Photo by Ilana Panich-Linsman for The Washington Post via Getty Images
Back in 2007, a settlement with the state of New York required Facebook to remove pornographic posts within 24 hours.
At first, Facebook tasked its own employees with the job — but they were quickly overwhelmed and the company turned to automation and outsourcing.
Today, 90%+ of flagged content is removed by AI…
… while the other 10% falls on human moderators.
Accenture took on the work when Facebook moved on from its original content moderation partner.
The scope of the agreement escalated quickly:
- The moderation team grew from 300 to 3k workers between 2015 and 2016, and is now at ~5.8k workers
- Accenture now employs moderators across 8 offices spanning the Philippines, India, Malaysia, Poland, Ireland, and the US
Facebook has several reasons to farm out moderation work…
- Scalability: Utilizing contract labor allows Facebook to scale its efforts up or down globally as quickly as needed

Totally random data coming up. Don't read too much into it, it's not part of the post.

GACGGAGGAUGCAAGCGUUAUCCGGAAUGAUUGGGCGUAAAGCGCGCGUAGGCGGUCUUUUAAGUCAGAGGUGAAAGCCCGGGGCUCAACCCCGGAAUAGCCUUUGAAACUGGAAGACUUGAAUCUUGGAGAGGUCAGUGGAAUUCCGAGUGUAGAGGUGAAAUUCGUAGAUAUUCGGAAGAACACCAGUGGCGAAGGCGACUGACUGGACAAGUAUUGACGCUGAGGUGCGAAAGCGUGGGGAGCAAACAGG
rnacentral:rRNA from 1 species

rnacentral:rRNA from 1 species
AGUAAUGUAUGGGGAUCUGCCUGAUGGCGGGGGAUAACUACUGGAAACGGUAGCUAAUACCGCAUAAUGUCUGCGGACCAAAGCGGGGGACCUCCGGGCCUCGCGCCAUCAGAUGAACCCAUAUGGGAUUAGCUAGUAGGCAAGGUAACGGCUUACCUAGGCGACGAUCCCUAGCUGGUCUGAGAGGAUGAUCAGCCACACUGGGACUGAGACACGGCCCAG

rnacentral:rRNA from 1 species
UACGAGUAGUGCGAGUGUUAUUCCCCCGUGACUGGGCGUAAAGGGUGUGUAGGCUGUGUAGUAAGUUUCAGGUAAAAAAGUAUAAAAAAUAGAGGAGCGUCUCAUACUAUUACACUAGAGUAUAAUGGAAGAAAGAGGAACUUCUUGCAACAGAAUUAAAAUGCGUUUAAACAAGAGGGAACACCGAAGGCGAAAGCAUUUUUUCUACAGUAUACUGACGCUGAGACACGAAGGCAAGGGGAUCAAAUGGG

- Cost: Contract workers are far cheaper to hire than Facebook employees (who have median annual earnings of $240k)
Perhaps the biggest reason, though, is the nature of the work.
- Moderators can view up to 700 posts per shift, and the content can be disturbing.
- An exposé by The Verge in 2019 highlighted examples of the toxic content moderators are subjected to, including videos of killings and animal cruelty.
As a result, many moderators have suffered mental health issues from the work. Facebook recently paid a $52m settlement covering 11k+ moderators who suffered from PTSD on the job.
So why is Accenture doing this?
One reason is money. Digital content moderation is expected to be a $8.8B industry by next year, and Accenture is currently pulling in $500m a year from Facebook alone.
The other is exposure to Silicon Valley, which Accenture was lacking prior to taking on the work. Time will tell if the firm will continue to feel that the weight of Facebook’s dirty work is worth it.